You can do it online, in person or by watching a DVD. No, it's not a close encounter of the personal kind -- it's preparing for the Uniform Certified Public Accountant (CPA) Examination.
Pass the CPA test, fulfill education and experience requirements, and you qualify as a CPA in the 50 states, Washington, DC, and the US territories.
However, the CPA exam is tough. More people fail than pass each of the exam's four parts. According to the American Institute of Certified Public Accountants (AICPA), the cumulative passing rates for each part in 2008 were:
- Audit: 49.1 percent.
- Business Environment and Concepts: 47.49 percent.
- Financial Accounting and Reporting: 49.21 percent.
- Regulation: 48.74 percent.
So how do you make sure you pass? Heed these tips for prepping for the CPA exam:
Choose Your Accounting Program Carefully
Before you enroll in a college accounting program, find out what percentage of its graduates pass the CPA exam, suggests William Parrott, associate professor of accounting at the University of South Florida (USF) in Tampa. "We have a very rigorous program," he says. "The CPA exam scores [of our students] reflect that. The USF passing rate is number one in the country for graduates of the master's in accountancy program."
Match Your Prep Method to Your Learning Style
When considering a prep method, reflect on your accounting education, advises Andrew Temte, CFA, president of Kaplan CPA Review. If you learn best by reading, buy review texts or DVDs. If you lack motivation, the routine of in-person classes might be just the thing. Need a bit of each? Try an Internet-based course, where you read the textbook, watch a streaming video, and drill and practice online.
Shop Around for the Best Deal
Compare costs. Ask about passing rates, but be skeptical of the answers. Ask how the program has adjusted to the new four-part exam format. Does the company offer a money-back guarantee? What's the return policy on materials?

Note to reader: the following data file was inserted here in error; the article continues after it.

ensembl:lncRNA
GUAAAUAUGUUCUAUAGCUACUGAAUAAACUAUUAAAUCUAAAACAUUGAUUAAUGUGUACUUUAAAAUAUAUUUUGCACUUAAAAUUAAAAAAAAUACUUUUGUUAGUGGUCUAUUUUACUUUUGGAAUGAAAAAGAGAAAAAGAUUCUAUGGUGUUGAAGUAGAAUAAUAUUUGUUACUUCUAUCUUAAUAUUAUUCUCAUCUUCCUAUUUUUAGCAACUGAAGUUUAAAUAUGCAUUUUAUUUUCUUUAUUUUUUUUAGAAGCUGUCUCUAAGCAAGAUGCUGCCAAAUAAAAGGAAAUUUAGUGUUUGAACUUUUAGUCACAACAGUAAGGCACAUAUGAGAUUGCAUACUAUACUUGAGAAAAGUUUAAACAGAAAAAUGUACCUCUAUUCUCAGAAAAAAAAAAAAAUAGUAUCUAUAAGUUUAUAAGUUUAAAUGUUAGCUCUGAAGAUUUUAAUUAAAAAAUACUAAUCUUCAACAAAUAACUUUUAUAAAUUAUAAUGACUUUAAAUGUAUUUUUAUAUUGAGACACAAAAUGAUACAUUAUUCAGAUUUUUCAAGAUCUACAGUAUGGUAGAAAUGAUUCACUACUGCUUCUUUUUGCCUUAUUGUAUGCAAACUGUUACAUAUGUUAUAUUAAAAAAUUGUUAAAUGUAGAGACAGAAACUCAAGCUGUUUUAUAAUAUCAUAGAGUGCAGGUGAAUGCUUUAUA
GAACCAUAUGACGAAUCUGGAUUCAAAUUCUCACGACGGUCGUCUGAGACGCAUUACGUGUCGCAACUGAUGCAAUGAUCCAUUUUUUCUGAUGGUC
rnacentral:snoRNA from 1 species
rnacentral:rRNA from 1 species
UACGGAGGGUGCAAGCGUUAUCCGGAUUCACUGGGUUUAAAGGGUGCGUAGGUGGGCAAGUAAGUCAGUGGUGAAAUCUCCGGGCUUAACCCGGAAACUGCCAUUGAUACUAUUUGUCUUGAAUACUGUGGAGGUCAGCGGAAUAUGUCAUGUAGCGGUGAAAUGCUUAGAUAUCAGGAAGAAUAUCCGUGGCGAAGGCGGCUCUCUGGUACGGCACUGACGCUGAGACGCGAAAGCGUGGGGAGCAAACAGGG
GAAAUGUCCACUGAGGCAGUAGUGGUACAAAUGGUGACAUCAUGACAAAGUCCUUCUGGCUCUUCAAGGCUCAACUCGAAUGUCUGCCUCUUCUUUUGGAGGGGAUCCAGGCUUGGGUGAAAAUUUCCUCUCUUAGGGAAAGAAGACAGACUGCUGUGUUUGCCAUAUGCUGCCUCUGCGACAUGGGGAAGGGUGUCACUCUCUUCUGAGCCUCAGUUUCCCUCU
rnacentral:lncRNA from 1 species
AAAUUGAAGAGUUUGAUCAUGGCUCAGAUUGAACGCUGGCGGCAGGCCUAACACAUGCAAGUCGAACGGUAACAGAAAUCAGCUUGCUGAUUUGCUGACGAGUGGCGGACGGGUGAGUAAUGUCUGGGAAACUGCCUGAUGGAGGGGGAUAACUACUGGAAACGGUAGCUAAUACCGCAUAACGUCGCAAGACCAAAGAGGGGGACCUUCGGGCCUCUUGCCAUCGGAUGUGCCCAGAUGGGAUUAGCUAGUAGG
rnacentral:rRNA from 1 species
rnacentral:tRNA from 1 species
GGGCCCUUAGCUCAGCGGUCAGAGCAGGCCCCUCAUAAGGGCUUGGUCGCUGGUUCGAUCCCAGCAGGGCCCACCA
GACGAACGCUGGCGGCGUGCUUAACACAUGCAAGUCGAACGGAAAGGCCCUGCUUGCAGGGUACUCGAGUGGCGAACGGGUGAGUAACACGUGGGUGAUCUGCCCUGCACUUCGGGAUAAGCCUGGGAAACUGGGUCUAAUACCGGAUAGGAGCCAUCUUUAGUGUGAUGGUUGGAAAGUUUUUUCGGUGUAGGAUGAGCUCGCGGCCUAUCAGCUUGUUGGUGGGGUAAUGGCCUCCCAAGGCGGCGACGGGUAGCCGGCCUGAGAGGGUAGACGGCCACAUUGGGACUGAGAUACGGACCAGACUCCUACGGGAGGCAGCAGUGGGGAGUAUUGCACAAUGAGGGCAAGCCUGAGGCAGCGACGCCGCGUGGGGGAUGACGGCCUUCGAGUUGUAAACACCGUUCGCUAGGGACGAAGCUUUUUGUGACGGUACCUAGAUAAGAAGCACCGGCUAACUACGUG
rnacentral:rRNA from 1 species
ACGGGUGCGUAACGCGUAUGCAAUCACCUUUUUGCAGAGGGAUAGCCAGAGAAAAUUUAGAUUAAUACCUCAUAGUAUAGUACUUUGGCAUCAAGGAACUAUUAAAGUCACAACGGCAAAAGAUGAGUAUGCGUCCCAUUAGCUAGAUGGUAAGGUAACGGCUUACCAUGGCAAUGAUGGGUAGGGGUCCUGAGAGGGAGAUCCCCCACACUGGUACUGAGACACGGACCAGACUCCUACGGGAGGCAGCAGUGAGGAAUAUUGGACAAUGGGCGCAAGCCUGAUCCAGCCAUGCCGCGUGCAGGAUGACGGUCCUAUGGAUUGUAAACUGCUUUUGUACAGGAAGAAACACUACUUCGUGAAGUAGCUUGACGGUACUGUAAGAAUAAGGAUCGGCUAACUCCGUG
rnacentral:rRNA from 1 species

Companies offering CPA test prep include:
- Bisk Education
- Gleim Publications
- Lambers Review Courses
- Rigos Professional Education Programs
- John Wiley and Sons
If you're thrifty, check eBay and Amazon for used review materials. Be sure the materials are for the new, four-part test.
Put in the Study Time
Plan to spend 450 to 500 hours studying. That's 30 hours a week for 15 or 16 weeks, Temte says. "You have 18 months to pass all four sections after you pass your first, but if you don't meet this deadline, you start over from scratch," he says.
If you've been out of school for a while, you're probably an expert on one area of accounting. However, the CPA exam is a mile wide and an inch deep, so prepare to learn a lot of material -- just not in depth. "You do have to learn the material and not just memorize a bunch of factoids," Temte says.
Practice, Practice, Practice
Laura McClure, CPA, a staff accountant with Deloitte & Touche in Fort Worth and a top-10 scorer on the CPA exam in 2004, used the CPAexcel online review course. She also reviewed her college accounting textbooks during her daily studying sessions.
According to McClure, pacing is key. "There is so much information in each section," she says. "It is very difficult to cram it all in in one or two days. I went over all of the material for each section multiple times."
Simulate the Exam
Since the CPA exam is computerized, practice with a computerized sample test so the multiple-choice and simulation questions look familiar on exam day. "Case-based simulation, where you replicate real-world situations using spreadsheet, communications, research and resource materials, is 30 percent of the exam," says Dennis Green, CPA, director of Becker Professional Review. "So look for a provider who can give you a wealth of case-based simulations. It's not just knowing, but using the material to demonstrate your competence."
Leverage Free Resources
Use the AICPA's tutorials, and check out the National Association of State Boards of Accountancy's test-takers' tips.